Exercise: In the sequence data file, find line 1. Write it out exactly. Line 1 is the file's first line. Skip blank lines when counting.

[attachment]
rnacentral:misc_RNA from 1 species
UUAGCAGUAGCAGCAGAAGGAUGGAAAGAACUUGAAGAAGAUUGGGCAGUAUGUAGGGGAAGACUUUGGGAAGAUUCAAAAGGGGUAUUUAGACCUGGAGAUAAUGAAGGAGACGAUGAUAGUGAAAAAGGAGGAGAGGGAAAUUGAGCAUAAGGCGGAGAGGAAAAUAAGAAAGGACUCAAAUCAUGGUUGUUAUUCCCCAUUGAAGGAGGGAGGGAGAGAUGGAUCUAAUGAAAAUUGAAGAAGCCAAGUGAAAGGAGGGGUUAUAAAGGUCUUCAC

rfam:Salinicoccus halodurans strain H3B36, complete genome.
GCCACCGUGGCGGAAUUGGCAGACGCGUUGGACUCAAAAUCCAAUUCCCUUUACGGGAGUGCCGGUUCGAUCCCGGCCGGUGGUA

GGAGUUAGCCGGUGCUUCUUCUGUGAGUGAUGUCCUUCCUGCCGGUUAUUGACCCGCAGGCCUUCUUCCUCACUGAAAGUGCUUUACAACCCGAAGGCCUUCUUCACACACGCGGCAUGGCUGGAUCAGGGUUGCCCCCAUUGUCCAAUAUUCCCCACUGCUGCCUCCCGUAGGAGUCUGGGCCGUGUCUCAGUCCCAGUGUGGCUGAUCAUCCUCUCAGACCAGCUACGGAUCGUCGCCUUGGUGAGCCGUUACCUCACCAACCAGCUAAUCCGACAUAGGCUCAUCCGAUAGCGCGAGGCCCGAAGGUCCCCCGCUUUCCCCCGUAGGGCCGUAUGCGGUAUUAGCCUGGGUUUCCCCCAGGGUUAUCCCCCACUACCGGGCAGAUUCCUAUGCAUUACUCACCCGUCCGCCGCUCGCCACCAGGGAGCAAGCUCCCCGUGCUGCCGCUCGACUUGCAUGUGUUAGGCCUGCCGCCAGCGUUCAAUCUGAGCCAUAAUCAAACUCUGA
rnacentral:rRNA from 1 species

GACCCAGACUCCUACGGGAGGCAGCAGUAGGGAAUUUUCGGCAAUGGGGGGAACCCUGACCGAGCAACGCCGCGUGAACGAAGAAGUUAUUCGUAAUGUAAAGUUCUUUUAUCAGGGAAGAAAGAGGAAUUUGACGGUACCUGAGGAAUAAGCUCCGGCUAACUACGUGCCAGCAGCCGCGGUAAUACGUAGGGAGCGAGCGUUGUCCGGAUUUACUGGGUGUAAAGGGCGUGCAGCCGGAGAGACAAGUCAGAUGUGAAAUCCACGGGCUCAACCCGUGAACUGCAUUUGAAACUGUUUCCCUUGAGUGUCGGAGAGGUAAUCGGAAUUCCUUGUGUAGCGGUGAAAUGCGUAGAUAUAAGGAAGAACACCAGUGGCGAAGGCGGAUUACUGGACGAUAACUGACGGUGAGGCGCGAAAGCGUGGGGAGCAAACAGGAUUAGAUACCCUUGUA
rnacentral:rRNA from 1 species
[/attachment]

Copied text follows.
rnacentral:misc_RNA from 1 species